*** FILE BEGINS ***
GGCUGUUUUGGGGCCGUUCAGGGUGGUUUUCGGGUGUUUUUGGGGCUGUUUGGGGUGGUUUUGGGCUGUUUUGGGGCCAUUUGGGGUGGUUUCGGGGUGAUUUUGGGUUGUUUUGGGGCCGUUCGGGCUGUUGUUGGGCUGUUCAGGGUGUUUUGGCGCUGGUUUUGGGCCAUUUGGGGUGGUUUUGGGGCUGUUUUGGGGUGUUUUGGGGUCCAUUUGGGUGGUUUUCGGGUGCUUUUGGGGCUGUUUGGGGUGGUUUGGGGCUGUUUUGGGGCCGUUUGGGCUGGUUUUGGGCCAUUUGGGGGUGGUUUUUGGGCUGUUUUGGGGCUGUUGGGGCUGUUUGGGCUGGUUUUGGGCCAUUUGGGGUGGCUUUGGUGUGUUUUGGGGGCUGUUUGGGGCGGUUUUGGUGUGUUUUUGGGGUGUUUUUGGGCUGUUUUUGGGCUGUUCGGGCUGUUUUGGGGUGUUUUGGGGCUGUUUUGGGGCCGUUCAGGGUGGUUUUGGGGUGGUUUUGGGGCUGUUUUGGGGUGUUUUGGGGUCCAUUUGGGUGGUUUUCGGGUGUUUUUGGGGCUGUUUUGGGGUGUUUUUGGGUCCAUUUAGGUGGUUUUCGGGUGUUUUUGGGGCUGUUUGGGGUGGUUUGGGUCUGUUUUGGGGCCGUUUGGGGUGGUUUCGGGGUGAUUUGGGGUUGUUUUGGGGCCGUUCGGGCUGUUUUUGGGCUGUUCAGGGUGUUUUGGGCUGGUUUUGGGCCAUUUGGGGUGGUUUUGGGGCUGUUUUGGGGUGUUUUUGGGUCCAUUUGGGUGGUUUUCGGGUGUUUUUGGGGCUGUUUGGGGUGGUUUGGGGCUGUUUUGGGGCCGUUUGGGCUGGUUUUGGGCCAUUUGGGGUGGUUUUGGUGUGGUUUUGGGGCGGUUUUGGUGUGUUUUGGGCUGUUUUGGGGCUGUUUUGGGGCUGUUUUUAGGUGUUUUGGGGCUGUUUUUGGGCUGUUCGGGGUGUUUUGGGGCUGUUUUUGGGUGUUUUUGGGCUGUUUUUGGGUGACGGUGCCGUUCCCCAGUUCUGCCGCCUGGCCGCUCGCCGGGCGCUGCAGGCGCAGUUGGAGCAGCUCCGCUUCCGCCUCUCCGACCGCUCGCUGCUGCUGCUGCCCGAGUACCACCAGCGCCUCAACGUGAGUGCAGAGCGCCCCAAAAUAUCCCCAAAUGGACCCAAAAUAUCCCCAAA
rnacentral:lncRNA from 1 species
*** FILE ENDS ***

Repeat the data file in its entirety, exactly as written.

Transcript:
GGCUGUUUUGGGGCCGUUCAGGGUGGUUUUCGGGUGUUUUUGGGGCUGUUUGGGGUGGUUUUGGGCUGUUUUGGGGCCAUUUGGGGUGGUUUCGGGGUGAUUUUGGGUUGUUUUGGGGCCGUUCGGGCUGUUGUUGGGCUGUUCAGGGUGUUUUGGCGCUGGUUUUGGGCCAUUUGGGGUGGUUUUGGGGCUGUUUUGGGGUGUUUUGGGGUCCAUUUGGGUGGUUUUCGGGUGCUUUUGGGGCUGUUUGGGGUGGUUUGGGGCUGUUUUGGGGCCGUUUGGGCUGGUUUUGGGCCAUUUGGGGGUGGUUUUUGGGCUGUUUUGGGGCUGUUGGGGCUGUUUGGGCUGGUUUUGGGCCAUUUGGGGUGGCUUUGGUGUGUUUUGGGGGCUGUUUGGGGCGGUUUUGGUGUGUUUUUGGGGUGUUUUUGGGCUGUUUUUGGGCUGUUCGGGCUGUUUUGGGGUGUUUUGGGGCUGUUUUGGGGCCGUUCAGGGUGGUUUUGGGGUGGUUUUGGGGCUGUUUUGGGGUGUUUUGGGGUCCAUUUGGGUGGUUUUCGGGUGUUUUUGGGGCUGUUUUGGGGUGUUUUUGGGUCCAUUUAGGUGGUUUUCGGGUGUUUUUGGGGCUGUUUGGGGUGGUUUGGGUCUGUUUUGGGGCCGUUUGGGGUGGUUUCGGGGUGAUUUGGGGUUGUUUUGGGGCCGUUCGGGCUGUUUUUGGGCUGUUCAGGGUGUUUUGGGCUGGUUUUGGGCCAUUUGGGGUGGUUUUGGGGCUGUUUUGGGGUGUUUUUGGGUCCAUUUGGGUGGUUUUCGGGUGUUUUUGGGGCUGUUUGGGGUGGUUUGGGGCUGUUUUGGGGCCGUUUGGGCUGGUUUUGGGCCAUUUGGGGUGGUUUUGGUGUGGUUUUGGGGCGGUUUUGGUGUGUUUUGGGCUGUUUUGGGGCUGUUUUGGGGCUGUUUUUAGGUGUUUUGGGGCUGUUUUUGGGCUGUUCGGGGUGUUUUGGGGCUGUUUUUGGGUGUUUUUGGGCUGUUUUUGGGUGACGGUGCCGUUCCCCAGUUCUGCCGCCUGGCCGCUCGCCGGGCGCUGCAGGCGCAGUUGGAGCAGCUCCGCUUCCGCCUCUCCGACCGCUCGCUGCUGCUGCUGCCCGAGUACCACCAGCGCCUCAACGUGAGUGCAGAGCGCCCCAAAAUAUCCCCAAAUGGACCCAAAAUAUCCCCAAA
rnacentral:lncRNA from 1 species